Physical symptoms of social anxiety include:

    • Heart palpitations and feeling dizzy
    • Excessive blushing
    • Trembling and shaking
    • Urgent need to use the bathroom
    • Nausea and vomiting

    Psychological symptoms include:

    • Low self-esteem in general, or feeling self-conscious around others
    • Dissecting every interaction and engaging in self-criticism
    • Worrying about people talking behind your back
    • Feeling judged and unworthy of friends
    • Depression and other anxiety disorders

    Behavioural symptoms include:

    • Withdrawing at work or in social situations
    • Being afraid to pay for items in shops
    • Avoiding parties and gatherings
    • Struggling in personal relationships
    • Eating alone to avoid others looking at you

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    What are the causes of social phobia in adults?

    Social anxiety can occur in adults for numerous reasons, including genetic and environmental factors. However, many adults with the condition first experience it in childhood, and it can return later in life. Let’s take a look at the common causes.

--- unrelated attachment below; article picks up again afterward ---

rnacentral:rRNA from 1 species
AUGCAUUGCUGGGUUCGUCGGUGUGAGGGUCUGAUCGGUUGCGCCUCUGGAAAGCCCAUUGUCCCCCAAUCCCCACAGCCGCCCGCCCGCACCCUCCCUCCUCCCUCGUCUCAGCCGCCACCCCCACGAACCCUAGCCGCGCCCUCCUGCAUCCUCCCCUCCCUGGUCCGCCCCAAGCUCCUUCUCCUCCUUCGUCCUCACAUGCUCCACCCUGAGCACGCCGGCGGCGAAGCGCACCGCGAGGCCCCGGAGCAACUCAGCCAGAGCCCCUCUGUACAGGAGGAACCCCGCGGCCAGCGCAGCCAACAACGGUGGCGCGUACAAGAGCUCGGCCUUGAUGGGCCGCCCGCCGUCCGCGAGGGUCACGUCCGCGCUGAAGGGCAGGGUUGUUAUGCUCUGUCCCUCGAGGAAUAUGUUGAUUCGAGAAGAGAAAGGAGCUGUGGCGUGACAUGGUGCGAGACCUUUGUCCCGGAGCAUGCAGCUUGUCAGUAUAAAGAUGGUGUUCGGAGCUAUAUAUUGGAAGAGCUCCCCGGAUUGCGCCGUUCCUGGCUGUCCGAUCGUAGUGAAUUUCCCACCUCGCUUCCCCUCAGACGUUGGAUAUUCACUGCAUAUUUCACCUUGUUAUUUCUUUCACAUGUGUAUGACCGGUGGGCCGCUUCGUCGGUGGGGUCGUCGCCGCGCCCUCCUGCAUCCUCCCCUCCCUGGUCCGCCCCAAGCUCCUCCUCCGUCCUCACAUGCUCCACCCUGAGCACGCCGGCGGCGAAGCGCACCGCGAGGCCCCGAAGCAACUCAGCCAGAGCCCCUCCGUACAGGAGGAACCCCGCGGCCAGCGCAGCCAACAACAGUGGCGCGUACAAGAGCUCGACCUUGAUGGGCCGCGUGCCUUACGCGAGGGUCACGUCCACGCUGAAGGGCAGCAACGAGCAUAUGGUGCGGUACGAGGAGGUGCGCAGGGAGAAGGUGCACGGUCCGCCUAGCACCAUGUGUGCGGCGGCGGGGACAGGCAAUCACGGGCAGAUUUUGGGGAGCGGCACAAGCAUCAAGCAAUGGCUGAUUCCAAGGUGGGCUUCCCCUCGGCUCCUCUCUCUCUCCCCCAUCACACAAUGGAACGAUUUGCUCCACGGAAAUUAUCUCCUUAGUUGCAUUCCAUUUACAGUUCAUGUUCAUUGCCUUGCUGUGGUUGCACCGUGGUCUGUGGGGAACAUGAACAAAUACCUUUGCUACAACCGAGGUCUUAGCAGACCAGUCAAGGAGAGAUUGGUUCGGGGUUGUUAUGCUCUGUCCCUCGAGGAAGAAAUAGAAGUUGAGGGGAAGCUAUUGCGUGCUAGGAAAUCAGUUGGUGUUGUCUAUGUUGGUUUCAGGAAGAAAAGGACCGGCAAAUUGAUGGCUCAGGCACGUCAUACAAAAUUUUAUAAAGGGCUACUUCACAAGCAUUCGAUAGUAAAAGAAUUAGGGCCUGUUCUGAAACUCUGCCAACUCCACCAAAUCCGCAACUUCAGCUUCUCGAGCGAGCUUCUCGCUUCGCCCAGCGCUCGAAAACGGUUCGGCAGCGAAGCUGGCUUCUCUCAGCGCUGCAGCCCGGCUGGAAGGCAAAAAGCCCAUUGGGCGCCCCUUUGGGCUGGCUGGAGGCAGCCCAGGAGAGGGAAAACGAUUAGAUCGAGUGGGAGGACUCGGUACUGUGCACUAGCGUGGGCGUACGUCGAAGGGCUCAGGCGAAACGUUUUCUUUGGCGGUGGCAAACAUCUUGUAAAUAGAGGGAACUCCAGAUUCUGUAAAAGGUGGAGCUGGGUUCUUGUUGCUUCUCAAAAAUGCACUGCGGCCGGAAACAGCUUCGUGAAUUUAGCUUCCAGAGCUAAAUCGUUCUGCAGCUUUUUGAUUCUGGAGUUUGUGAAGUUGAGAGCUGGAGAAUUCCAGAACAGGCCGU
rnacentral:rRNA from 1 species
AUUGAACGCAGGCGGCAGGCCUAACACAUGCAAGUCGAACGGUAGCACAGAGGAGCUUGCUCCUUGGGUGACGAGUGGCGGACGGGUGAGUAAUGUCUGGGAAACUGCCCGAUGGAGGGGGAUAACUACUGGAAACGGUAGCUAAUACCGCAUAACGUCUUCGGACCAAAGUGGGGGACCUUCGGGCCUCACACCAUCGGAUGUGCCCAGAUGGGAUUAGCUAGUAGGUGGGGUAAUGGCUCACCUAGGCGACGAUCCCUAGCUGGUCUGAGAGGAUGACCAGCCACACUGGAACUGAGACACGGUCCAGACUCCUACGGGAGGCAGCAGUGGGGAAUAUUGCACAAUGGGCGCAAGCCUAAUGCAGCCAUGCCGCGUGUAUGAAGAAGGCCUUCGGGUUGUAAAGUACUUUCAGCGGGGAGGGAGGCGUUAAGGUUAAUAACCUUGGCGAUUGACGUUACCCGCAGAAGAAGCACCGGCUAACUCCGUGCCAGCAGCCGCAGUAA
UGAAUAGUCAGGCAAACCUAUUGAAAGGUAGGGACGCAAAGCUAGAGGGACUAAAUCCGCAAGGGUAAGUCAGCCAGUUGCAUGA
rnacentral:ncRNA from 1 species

Genetic factors

    While more research is needed, some studies suggest that social phobia and other anxiety disorders might be hereditary (NCBI). It’s important to remember that parents with severe anxiety might displace their fears onto children, which also increases the risks of developing a phobia.


    Adults aren’t immune to bullying, and the workplace is one of the key areas where people struggle. Around 40% of Canadians have experienced bullying as an adult, and this can cause them to develop social anxiety disorder.

    Relationship issues

    Being in a bad relationship can impact a person’s self-esteem and lead to anxiety disorders. Failing to keep and maintain friendships and even family problems can lead to a person withdrawing from social interaction.

    Environmental factors